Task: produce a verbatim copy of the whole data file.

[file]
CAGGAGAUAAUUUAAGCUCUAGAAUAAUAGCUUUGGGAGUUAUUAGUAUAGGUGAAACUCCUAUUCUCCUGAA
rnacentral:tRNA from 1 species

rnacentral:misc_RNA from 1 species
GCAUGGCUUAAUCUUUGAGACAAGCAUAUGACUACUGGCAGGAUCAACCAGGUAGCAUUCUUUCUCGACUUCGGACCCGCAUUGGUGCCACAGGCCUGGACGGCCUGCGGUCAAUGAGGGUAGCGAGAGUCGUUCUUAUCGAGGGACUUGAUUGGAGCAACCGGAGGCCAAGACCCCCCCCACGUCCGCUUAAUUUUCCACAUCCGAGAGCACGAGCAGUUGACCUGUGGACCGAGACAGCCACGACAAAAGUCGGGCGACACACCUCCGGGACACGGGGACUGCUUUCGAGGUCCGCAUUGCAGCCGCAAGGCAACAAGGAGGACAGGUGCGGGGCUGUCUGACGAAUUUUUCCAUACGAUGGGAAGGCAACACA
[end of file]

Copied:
CAGGAGAUAAUUUAAGCUCUAGAAUAAUAGCUUUGGGAGUUAUUAGUAUAGGUGAAACUCCUAUUCUCCUGAA
rnacentral:tRNA from 1 species

rnacentral:misc_RNA from 1 species
GCAUGGCUUAAUCUUUGAGACAAGCAUAUGACUACUGGCAGGAUCAACCAGGUAGCAUUCUUUCUCGACUUCGGACCCGCAUUGGUGCCACAGGCCUGGACGGCCUGCGGUCAAUGAGGGUAGCGAGAGUCGUUCUUAUCGAGGGACUUGAUUGGAGCAACCGGAGGCCAAGACCCCCCCCACGUCCGCUUAAUUUUCCACAUCCGAGAGCACGAGCAGUUGACCUGUGGACCGAGACAGCCACGACAAAAGUCGGGCGACACACCUCCGGGACACGGGGACUGCUUUCGAGGUCCGCAUUGCAGCCGCAAGGCAACAAGGAGGACAGGUGCGGGGCUGUCUGACGAAUUUUUCCAUACGAUGGGAAGGCAACACA